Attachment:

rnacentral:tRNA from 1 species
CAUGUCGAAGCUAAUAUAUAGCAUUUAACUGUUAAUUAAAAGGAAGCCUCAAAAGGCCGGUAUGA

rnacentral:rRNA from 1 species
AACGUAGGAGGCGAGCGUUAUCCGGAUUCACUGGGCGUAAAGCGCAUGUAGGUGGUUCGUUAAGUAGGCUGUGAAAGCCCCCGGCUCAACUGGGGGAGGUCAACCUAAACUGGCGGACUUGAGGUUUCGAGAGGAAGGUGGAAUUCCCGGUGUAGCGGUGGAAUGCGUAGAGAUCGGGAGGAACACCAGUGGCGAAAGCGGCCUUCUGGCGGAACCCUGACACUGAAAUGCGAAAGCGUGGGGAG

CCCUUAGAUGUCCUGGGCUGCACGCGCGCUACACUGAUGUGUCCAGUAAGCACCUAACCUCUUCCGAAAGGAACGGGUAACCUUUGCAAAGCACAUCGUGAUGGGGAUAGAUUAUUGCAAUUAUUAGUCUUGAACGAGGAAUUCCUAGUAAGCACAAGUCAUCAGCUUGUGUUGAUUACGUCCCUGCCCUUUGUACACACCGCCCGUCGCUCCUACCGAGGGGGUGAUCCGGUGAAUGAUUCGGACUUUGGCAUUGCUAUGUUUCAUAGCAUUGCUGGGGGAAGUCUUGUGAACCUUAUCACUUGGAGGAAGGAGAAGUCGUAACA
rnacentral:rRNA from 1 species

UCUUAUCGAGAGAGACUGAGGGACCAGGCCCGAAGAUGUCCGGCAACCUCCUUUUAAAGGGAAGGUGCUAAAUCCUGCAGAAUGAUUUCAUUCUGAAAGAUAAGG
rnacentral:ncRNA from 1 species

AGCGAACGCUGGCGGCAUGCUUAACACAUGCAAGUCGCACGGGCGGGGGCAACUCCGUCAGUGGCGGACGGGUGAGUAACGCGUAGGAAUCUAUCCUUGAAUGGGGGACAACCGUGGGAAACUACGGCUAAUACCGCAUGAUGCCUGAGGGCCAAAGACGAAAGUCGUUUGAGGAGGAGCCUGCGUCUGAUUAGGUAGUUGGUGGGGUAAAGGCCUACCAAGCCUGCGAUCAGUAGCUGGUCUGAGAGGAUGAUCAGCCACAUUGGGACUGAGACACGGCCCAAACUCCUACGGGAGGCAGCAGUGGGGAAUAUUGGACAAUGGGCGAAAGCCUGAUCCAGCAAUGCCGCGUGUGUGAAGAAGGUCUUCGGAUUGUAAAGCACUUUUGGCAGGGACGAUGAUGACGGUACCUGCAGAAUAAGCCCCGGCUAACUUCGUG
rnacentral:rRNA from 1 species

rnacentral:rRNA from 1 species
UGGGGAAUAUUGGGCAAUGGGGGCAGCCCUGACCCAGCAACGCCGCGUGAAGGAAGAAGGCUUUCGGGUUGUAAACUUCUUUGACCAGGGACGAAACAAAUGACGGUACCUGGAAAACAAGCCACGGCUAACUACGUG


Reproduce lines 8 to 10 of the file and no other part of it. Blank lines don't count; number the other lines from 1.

rnacentral:ncRNA from 1 species

AGCGAACGCUGGCGGCAUGCUUAACACAUGCAAGUCGCACGGGCGGGGGCAACUCCGUCAGUGGCGGACGGGUGAGUAACGCGUAGGAAUCUAUCCUUGAAUGGGGGACAACCGUGGGAAACUACGGCUAAUACCGCAUGAUGCCUGAGGGCCAAAGACGAAAGUCGUUUGAGGAGGAGCCUGCGUCUGAUUAGGUAGUUGGUGGGGUAAAGGCCUACCAAGCCUGCGAUCAGUAGCUGGUCUGAGAGGAUGAUCAGCCACAUUGGGACUGAGACACGGCCCAAACUCCUACGGGAGGCAGCAGUGGGGAAUAUUGGACAAUGGGCGAAAGCCUGAUCCAGCAAUGCCGCGUGUGUGAAGAAGGUCUUCGGAUUGUAAAGCACUUUUGGCAGGGACGAUGAUGACGGUACCUGCAGAAUAAGCCCCGGCUAACUUCGUG
rnacentral:rRNA from 1 species